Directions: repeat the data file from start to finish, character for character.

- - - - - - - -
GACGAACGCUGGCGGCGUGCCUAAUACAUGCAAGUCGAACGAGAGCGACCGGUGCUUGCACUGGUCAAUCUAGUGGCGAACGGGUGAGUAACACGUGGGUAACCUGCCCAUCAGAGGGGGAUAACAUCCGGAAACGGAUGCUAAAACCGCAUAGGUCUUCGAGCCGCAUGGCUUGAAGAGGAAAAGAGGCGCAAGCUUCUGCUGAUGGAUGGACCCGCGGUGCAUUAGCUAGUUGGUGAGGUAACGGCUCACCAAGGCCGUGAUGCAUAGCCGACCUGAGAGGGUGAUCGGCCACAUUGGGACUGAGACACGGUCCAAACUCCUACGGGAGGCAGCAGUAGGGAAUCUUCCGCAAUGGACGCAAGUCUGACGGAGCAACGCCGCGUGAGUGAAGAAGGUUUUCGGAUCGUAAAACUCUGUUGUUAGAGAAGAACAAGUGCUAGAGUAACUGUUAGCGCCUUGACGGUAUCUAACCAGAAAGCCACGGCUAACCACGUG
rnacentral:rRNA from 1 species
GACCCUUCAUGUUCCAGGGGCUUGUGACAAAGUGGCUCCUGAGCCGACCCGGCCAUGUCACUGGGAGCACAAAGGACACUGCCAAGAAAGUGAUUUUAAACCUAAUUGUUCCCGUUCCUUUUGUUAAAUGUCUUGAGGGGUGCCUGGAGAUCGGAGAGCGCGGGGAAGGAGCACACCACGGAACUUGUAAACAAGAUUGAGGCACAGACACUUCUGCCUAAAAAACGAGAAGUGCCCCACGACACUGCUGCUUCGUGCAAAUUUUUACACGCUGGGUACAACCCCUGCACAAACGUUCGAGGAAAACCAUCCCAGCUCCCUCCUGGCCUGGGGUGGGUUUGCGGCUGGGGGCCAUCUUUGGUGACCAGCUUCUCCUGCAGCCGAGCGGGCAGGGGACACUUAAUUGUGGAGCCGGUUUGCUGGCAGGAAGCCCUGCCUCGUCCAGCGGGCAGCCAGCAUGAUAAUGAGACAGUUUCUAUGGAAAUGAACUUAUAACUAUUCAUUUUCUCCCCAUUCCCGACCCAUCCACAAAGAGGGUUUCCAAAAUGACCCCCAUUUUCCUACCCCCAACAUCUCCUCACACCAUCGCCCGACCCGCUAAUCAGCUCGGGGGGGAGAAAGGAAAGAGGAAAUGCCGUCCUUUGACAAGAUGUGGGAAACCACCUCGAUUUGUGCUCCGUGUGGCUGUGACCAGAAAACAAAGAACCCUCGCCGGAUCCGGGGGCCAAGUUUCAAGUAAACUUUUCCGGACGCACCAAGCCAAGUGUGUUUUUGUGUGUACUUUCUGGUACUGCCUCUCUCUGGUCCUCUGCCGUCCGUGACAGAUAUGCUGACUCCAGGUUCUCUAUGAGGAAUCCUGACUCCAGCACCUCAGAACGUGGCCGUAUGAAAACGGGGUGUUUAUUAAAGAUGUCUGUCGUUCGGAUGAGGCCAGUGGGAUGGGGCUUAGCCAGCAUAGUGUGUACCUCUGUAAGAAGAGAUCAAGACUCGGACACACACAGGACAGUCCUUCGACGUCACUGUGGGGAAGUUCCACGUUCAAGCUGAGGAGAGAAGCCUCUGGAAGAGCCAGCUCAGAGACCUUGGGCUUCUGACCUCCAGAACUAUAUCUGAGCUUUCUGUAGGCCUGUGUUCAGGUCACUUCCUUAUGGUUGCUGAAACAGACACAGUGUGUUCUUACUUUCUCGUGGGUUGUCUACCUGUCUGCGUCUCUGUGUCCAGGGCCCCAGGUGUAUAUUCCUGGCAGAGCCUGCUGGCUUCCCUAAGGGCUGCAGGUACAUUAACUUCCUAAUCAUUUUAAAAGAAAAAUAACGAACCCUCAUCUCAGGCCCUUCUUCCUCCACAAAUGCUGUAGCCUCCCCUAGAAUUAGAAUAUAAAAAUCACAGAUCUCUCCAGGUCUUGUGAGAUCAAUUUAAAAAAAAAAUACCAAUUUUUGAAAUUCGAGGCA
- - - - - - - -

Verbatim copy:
GACGAACGCUGGCGGCGUGCCUAAUACAUGCAAGUCGAACGAGAGCGACCGGUGCUUGCACUGGUCAAUCUAGUGGCGAACGGGUGAGUAACACGUGGGUAACCUGCCCAUCAGAGGGGGAUAACAUCCGGAAACGGAUGCUAAAACCGCAUAGGUCUUCGAGCCGCAUGGCUUGAAGAGGAAAAGAGGCGCAAGCUUCUGCUGAUGGAUGGACCCGCGGUGCAUUAGCUAGUUGGUGAGGUAACGGCUCACCAAGGCCGUGAUGCAUAGCCGACCUGAGAGGGUGAUCGGCCACAUUGGGACUGAGACACGGUCCAAACUCCUACGGGAGGCAGCAGUAGGGAAUCUUCCGCAAUGGACGCAAGUCUGACGGAGCAACGCCGCGUGAGUGAAGAAGGUUUUCGGAUCGUAAAACUCUGUUGUUAGAGAAGAACAAGUGCUAGAGUAACUGUUAGCGCCUUGACGGUAUCUAACCAGAAAGCCACGGCUAACCACGUG
rnacentral:rRNA from 1 species
GACCCUUCAUGUUCCAGGGGCUUGUGACAAAGUGGCUCCUGAGCCGACCCGGCCAUGUCACUGGGAGCACAAAGGACACUGCCAAGAAAGUGAUUUUAAACCUAAUUGUUCCCGUUCCUUUUGUUAAAUGUCUUGAGGGGUGCCUGGAGAUCGGAGAGCGCGGGGAAGGAGCACACCACGGAACUUGUAAACAAGAUUGAGGCACAGACACUUCUGCCUAAAAAACGAGAAGUGCCCCACGACACUGCUGCUUCGUGCAAAUUUUUACACGCUGGGUACAACCCCUGCACAAACGUUCGAGGAAAACCAUCCCAGCUCCCUCCUGGCCUGGGGUGGGUUUGCGGCUGGGGGCCAUCUUUGGUGACCAGCUUCUCCUGCAGCCGAGCGGGCAGGGGACACUUAAUUGUGGAGCCGGUUUGCUGGCAGGAAGCCCUGCCUCGUCCAGCGGGCAGCCAGCAUGAUAAUGAGACAGUUUCUAUGGAAAUGAACUUAUAACUAUUCAUUUUCUCCCCAUUCCCGACCCAUCCACAAAGAGGGUUUCCAAAAUGACCCCCAUUUUCCUACCCCCAACAUCUCCUCACACCAUCGCCCGACCCGCUAAUCAGCUCGGGGGGGAGAAAGGAAAGAGGAAAUGCCGUCCUUUGACAAGAUGUGGGAAACCACCUCGAUUUGUGCUCCGUGUGGCUGUGACCAGAAAACAAAGAACCCUCGCCGGAUCCGGGGGCCAAGUUUCAAGUAAACUUUUCCGGACGCACCAAGCCAAGUGUGUUUUUGUGUGUACUUUCUGGUACUGCCUCUCUCUGGUCCUCUGCCGUCCGUGACAGAUAUGCUGACUCCAGGUUCUCUAUGAGGAAUCCUGACUCCAGCACCUCAGAACGUGGCCGUAUGAAAACGGGGUGUUUAUUAAAGAUGUCUGUCGUUCGGAUGAGGCCAGUGGGAUGGGGCUUAGCCAGCAUAGUGUGUACCUCUGUAAGAAGAGAUCAAGACUCGGACACACACAGGACAGUCCUUCGACGUCACUGUGGGGAAGUUCCACGUUCAAGCUGAGGAGAGAAGCCUCUGGAAGAGCCAGCUCAGAGACCUUGGGCUUCUGACCUCCAGAACUAUAUCUGAGCUUUCUGUAGGCCUGUGUUCAGGUCACUUCCUUAUGGUUGCUGAAACAGACACAGUGUGUUCUUACUUUCUCGUGGGUUGUCUACCUGUCUGCGUCUCUGUGUCCAGGGCCCCAGGUGUAUAUUCCUGGCAGAGCCUGCUGGCUUCCCUAAGGGCUGCAGGUACAUUAACUUCCUAAUCAUUUUAAAAGAAAAAUAACGAACCCUCAUCUCAGGCCCUUCUUCCUCCACAAAUGCUGUAGCCUCCCCUAGAAUUAGAAUAUAAAAAUCACAGAUCUCUCCAGGUCUUGUGAGAUCAAUUUAAAAAAAAAAUACCAAUUUUUGAAAUUCGAGGCA